One of the fables we live by is that some day the killing will stop. If only we rid ourselves of Chinese, white men will have jobs and white women will have virtue, and then we can stop killing. If only we rid ourselves of Indians, we will fulfill our Manifest Destiny, and then we can stop killing. If only we rid ourselves of Canaanites, we will live in the Promised Land, and then we can stop killing. If only we rid ourselves of Jews, we can build and maintain a Thousand Year Reich, and then we can stop killing. If only we stop the Soviet Union, we can stop the killing (remember the Peace Dividend that never materialized?). If only we can take out the worldwide terrorist network of bin Laden and others like him. If only. But the killing never stops. Always a new enemy to be hated is found.

Another of our fables is that a primary purpose of the judicial system is to work for justice. But that’s simply not true. Justice may be a secondary purpose, and one pursued at times with greater or lesser degrees of success, but the primary purpose is to justify the maintenance of the contract imposed upon society by those who make the rules, as Supreme Court justice John Marshall made clear in the case I’ve already mentioned. Nowhere perhaps was this stated more explicitly than in an 1854 California Supreme Court decision, regarding a case in which a white man assaulted a Chinese man, then killed another Chinese man who had come to the first victim’s defense. The Supreme Court acquitted the killer on the grounds that there were no white witnesses, and cited Section 394 of the California State Civil Practice Act: “No black, or mulatto person, or Indian, shall be allowed to give evidence in favor of, or against, a white man.” That the person testifying against him was Chinese (and not black, “mulatto,” or Indian) did not matter, because the court held that the words, Indian, Negro, and mulatto are generic terms, and “must be taken as contradistinction from white,” and were therefore included in the prohibition from being witnesses against whites. Whites (and corporations) are persons. All others are not. Because the killing of a nonperson is generally not a crime, the murders of Chinese men or women became nonmurders, and were almost invariably not prosecuted.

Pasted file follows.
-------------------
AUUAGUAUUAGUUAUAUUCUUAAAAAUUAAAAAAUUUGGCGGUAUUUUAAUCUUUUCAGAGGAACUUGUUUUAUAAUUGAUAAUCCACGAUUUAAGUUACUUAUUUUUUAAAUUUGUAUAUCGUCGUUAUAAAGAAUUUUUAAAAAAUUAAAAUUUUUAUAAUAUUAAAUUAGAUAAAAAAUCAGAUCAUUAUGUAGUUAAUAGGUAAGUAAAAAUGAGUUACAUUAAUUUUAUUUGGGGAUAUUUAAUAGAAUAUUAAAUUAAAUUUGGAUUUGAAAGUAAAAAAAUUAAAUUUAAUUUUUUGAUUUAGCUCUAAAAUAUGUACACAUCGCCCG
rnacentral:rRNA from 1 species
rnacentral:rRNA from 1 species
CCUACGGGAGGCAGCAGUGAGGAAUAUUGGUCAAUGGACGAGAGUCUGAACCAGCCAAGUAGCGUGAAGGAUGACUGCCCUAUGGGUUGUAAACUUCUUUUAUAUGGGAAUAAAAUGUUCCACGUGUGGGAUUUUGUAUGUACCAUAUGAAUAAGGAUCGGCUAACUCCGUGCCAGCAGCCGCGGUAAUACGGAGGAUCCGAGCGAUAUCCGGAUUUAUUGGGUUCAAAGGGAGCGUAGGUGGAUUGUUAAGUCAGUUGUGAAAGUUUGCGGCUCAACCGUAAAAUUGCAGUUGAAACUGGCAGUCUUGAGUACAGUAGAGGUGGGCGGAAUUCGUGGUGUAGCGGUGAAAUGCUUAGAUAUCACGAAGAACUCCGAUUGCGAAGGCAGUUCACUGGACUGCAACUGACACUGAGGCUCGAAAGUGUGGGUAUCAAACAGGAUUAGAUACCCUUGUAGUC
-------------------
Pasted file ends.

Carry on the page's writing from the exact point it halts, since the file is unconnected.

Even though the Fourteenth Amendment to the U.S. constitution declared that all citizens of the United States had certain inalienable rights (rights which were quickly and most importantly extended to corporations) Chinese immigrants were denied these rights by the simple measure of making certain that they could notbe come citizens. Thus, they had no rights. In addition, white women who married Chinese men lost their citizenship, and, thus, even, their nominal rights.

In 1879, California rewrote its constitution. Article XIX, Section 4, of the new constitution explicitly and categorically declared that “foreigners ineligible to become citizens of the United States”—by which they meant Chinese—were “dangerous to the well-being of the State.” Section 2 stated: “No corporation now existing or here after formed under the laws of this State, shall employ, directly or indirectly, any Chinese or Mongolian.” And Section 3: “No Chinese shall be employed on any State, county or municipal or other public work, except in punishment for crime.” And back to Section 4: “The legislature shall delegate all necessary power to the incorporated cities and towns of this State for the removal of Chinese….” This is the state constitution.

In 1882, the U.S. Congress passed the Chinese Exclusion Act, which suspended Chinese immigration for ten years. In 1892, it extended this ban, and required all Chinese still in the United States to register. In 1902, the ban was extended yet again, in 1904 the ban was made indefinite, and in 1924, the ban was widened to include nearly all Asians. Chinese exclusion acts were repealed in 1943 (allowing a token hundred Chinese to enter per year), but the doors to Chinese immigration were not in reality opened again until 1965.